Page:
Who says I need to go back to school to study dog behavior?

My quest is to understand what makes my dogs tick.

I’ve thought over the last year that if I was younger and had more  money, I’d go back to school and study animal behavior.* I’ve been reading tons of books and really, really enjoy the topic of dog evolution, genetics and breeding, how dogs think and communicate, etc. Of course, at my age and with my income it really isn’t feasible – but who says I can’t do some self-study?

I’ve looked in to Animal Behavior College, which trains people to be dog trainers and gives them a certificate of completion at the end of a course of study. But I was on the website for the Association of Professional Dog Trainers (http://apdt.com), and they actually don’t endorse any certificate programs. They do, however, have a very strict certification test for dog trainers and animal behaviorists.  For dog trainers, for example, you need to pass a test, and to be eligible to take the test you need to have 300 hours of dog training, with 75% of those hours as a head trainer. The other hours can be working at a shelter, vet tech, class assistant. The test covers Learning/Theory, Instruction Skills, Husbandry, Ethology, Equipment.

And none of that requires formal schooling from a dog training school.

They offer a very nice list of recommended books, and of course I’d need to shadow or work for a dog trainer. But I don’t need to shell out thousands of dollars for dog training school.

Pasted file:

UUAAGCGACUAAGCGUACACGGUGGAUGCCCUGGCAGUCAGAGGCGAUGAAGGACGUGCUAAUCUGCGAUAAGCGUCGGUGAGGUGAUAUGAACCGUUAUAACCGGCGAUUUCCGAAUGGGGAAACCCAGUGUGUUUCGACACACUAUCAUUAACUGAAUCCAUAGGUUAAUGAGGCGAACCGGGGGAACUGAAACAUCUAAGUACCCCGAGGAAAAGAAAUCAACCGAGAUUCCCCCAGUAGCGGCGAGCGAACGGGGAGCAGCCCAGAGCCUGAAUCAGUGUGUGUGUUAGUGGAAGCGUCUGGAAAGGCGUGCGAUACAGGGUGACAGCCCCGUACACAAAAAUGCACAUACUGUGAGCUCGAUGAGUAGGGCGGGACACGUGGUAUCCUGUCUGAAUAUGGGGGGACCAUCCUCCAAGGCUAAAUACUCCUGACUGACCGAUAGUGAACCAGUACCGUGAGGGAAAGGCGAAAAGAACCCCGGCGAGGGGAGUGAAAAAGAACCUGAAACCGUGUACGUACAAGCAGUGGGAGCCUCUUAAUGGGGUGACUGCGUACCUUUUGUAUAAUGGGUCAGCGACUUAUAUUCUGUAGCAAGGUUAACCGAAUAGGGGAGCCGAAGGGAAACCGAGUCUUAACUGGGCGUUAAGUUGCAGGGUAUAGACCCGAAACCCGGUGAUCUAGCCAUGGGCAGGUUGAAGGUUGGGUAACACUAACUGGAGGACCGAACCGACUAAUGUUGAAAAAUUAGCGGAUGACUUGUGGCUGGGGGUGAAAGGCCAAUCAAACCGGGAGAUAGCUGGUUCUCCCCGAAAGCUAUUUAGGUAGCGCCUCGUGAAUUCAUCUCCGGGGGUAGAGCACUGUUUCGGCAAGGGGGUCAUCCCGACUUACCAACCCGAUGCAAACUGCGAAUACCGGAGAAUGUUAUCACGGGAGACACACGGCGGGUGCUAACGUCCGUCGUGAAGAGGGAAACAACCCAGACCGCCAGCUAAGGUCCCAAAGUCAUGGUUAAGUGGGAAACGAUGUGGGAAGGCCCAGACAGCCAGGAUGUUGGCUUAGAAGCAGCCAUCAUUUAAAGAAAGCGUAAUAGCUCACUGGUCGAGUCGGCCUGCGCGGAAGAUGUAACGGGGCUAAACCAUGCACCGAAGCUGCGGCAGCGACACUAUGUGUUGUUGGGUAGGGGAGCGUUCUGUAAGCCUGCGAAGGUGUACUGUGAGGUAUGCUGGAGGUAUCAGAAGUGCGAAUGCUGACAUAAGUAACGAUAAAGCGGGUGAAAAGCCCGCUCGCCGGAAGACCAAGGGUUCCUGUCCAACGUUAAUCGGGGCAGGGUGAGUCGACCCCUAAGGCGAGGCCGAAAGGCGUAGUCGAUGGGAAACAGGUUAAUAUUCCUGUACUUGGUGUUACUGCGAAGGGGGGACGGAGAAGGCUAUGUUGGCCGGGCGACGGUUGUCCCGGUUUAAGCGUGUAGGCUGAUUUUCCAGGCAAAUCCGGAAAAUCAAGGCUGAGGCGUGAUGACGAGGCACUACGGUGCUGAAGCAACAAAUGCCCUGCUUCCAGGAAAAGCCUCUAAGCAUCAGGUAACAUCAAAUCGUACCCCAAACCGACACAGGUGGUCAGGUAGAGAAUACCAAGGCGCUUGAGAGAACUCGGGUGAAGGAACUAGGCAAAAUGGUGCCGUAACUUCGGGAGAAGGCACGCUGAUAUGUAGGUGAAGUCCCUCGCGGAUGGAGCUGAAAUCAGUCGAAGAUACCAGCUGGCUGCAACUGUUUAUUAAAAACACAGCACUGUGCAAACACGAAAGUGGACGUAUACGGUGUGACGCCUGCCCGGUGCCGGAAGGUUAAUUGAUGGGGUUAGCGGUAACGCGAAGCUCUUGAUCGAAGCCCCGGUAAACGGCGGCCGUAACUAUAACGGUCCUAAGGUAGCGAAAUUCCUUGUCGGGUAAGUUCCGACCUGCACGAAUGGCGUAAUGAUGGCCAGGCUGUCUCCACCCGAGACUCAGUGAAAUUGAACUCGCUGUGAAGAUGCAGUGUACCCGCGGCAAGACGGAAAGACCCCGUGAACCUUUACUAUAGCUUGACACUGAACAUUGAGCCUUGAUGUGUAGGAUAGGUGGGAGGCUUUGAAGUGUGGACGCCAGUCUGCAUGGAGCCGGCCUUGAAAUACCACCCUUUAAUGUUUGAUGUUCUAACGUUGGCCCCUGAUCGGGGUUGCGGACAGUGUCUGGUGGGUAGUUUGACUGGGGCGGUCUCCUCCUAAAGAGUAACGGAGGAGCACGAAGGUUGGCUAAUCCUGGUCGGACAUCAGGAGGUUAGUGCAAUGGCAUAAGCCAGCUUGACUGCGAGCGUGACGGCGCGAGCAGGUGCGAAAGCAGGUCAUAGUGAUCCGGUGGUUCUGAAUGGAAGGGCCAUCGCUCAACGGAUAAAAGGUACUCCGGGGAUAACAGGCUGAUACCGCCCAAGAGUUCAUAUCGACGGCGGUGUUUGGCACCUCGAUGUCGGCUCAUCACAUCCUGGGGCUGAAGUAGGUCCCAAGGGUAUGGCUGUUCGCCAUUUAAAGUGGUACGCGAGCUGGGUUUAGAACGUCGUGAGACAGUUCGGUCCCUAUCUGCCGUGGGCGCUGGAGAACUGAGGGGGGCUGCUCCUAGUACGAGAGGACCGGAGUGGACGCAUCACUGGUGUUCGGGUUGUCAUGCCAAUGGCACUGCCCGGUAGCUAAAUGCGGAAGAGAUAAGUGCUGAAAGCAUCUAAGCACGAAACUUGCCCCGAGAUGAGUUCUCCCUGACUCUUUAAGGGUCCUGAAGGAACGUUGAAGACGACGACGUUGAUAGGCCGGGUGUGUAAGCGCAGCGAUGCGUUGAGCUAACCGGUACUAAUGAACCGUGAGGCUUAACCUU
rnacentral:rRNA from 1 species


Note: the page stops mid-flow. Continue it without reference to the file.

So I think I’m going to set myself a course of self-study using their recommended books, plus a bunch of books I’m really interested in – and then find a trainer to shadow or work for. (I did once shadow a dog trainer for a few classes, but to be honest I didn’t know her and didn’t really understand her style of training. Which meant I felt kind of uncomfortable and completely out of the loop. She was a great trainer and suuuper nice, and now that I’ve got a lot of reading under my belt already the way she trained makes soo much more sense; but I was so clueless that she  may not want me to come back . )

I’ve also looked into becoming a certified vet tech – except I’m horrible at math, which is the same limitation that would keep me from pursuing graduate studies in animal  behavior. I can’t handle statistics. I can barely compute the dosage of roundworm medicine for the chickens.

In general, I’m not interested in becoming a dog trainer but I am very interested in animal care and behavior – and I’ve learned that dog training really is understanding dog behavior. So in the end, becoming a dog trainer is really just another way of learning about dog behavior.

It’s nice to have a goal. Woof!

(*This is, of course, in addition to my desire to have a career as Harriet the Spy or Nancy Drew.)

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